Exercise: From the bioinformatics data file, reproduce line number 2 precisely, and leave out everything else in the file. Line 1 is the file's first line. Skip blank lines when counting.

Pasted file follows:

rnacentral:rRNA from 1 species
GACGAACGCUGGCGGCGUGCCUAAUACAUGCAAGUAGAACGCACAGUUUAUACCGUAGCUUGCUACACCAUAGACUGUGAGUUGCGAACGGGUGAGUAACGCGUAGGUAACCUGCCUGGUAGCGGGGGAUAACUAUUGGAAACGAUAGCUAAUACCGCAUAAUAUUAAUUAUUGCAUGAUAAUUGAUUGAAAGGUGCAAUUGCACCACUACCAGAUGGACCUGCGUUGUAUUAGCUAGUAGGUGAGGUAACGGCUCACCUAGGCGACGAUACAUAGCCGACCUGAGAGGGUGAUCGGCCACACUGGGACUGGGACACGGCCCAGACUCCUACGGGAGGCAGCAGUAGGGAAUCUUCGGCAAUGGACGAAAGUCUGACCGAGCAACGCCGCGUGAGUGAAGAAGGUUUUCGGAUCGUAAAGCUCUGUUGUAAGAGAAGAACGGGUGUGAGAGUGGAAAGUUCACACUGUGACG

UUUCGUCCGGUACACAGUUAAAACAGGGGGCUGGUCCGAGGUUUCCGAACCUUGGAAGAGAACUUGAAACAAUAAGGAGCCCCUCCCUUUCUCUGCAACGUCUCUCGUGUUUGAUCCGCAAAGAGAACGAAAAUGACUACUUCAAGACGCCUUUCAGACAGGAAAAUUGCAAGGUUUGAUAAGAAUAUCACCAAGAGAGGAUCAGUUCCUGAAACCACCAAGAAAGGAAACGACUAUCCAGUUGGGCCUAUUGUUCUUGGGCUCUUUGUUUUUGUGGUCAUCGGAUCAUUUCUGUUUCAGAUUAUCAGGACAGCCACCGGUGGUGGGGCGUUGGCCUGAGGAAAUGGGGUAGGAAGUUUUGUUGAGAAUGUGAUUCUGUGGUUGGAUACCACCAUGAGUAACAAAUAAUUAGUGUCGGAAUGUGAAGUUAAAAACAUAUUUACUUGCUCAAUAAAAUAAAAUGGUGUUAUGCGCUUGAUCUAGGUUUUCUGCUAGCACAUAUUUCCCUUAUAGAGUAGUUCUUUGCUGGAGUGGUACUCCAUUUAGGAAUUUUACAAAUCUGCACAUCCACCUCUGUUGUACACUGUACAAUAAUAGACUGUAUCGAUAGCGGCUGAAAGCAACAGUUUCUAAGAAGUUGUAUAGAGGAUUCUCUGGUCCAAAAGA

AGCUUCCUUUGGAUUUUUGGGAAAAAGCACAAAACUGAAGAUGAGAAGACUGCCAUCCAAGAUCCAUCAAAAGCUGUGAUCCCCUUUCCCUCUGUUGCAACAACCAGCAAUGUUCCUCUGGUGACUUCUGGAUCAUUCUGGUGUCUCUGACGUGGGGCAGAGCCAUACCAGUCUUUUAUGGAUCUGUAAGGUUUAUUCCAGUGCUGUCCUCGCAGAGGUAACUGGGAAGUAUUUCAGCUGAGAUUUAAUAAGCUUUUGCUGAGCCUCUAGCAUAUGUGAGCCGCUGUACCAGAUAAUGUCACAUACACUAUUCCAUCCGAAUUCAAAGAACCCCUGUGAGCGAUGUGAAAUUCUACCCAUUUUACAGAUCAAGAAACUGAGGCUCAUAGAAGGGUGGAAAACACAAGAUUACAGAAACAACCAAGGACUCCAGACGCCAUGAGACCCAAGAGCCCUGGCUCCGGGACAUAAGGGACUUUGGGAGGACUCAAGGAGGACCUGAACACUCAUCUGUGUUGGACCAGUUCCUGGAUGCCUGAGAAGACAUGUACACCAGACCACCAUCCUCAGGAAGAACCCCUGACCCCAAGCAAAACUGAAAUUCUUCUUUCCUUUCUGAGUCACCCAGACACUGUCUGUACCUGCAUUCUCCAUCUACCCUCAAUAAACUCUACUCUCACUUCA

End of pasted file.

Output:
GACGAACGCUGGCGGCGUGCCUAAUACAUGCAAGUAGAACGCACAGUUUAUACCGUAGCUUGCUACACCAUAGACUGUGAGUUGCGAACGGGUGAGUAACGCGUAGGUAACCUGCCUGGUAGCGGGGGAUAACUAUUGGAAACGAUAGCUAAUACCGCAUAAUAUUAAUUAUUGCAUGAUAAUUGAUUGAAAGGUGCAAUUGCACCACUACCAGAUGGACCUGCGUUGUAUUAGCUAGUAGGUGAGGUAACGGCUCACCUAGGCGACGAUACAUAGCCGACCUGAGAGGGUGAUCGGCCACACUGGGACUGGGACACGGCCCAGACUCCUACGGGAGGCAGCAGUAGGGAAUCUUCGGCAAUGGACGAAAGUCUGACCGAGCAACGCCGCGUGAGUGAAGAAGGUUUUCGGAUCGUAAAGCUCUGUUGUAAGAGAAGAACGGGUGUGAGAGUGGAAAGUUCACACUGUGACG